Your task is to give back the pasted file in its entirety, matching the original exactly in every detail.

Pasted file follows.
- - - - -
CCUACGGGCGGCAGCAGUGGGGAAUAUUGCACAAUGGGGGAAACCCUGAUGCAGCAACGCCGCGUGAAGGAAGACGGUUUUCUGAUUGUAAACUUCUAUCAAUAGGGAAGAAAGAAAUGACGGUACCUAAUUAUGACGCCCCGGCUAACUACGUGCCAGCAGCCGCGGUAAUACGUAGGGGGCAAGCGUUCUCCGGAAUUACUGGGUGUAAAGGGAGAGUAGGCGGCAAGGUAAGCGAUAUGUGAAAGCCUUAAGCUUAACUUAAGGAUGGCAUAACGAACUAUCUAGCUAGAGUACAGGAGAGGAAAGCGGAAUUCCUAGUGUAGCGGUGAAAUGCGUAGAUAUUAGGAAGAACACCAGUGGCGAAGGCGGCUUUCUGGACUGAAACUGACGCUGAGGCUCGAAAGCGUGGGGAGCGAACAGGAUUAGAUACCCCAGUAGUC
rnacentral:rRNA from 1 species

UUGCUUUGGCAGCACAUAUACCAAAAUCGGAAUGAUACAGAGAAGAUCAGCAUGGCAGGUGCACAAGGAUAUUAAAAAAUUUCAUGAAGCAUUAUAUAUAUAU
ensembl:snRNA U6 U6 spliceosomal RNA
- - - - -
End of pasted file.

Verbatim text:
CCUACGGGCGGCAGCAGUGGGGAAUAUUGCACAAUGGGGGAAACCCUGAUGCAGCAACGCCGCGUGAAGGAAGACGGUUUUCUGAUUGUAAACUUCUAUCAAUAGGGAAGAAAGAAAUGACGGUACCUAAUUAUGACGCCCCGGCUAACUACGUGCCAGCAGCCGCGGUAAUACGUAGGGGGCAAGCGUUCUCCGGAAUUACUGGGUGUAAAGGGAGAGUAGGCGGCAAGGUAAGCGAUAUGUGAAAGCCUUAAGCUUAACUUAAGGAUGGCAUAACGAACUAUCUAGCUAGAGUACAGGAGAGGAAAGCGGAAUUCCUAGUGUAGCGGUGAAAUGCGUAGAUAUUAGGAAGAACACCAGUGGCGAAGGCGGCUUUCUGGACUGAAACUGACGCUGAGGCUCGAAAGCGUGGGGAGCGAACAGGAUUAGAUACCCCAGUAGUC
rnacentral:rRNA from 1 species

UUGCUUUGGCAGCACAUAUACCAAAAUCGGAAUGAUACAGAGAAGAUCAGCAUGGCAGGUGCACAAGGAUAUUAAAAAAUUUCAUGAAGCAUUAUAUAUAUAU
ensembl:snRNA U6 U6 spliceosomal RNA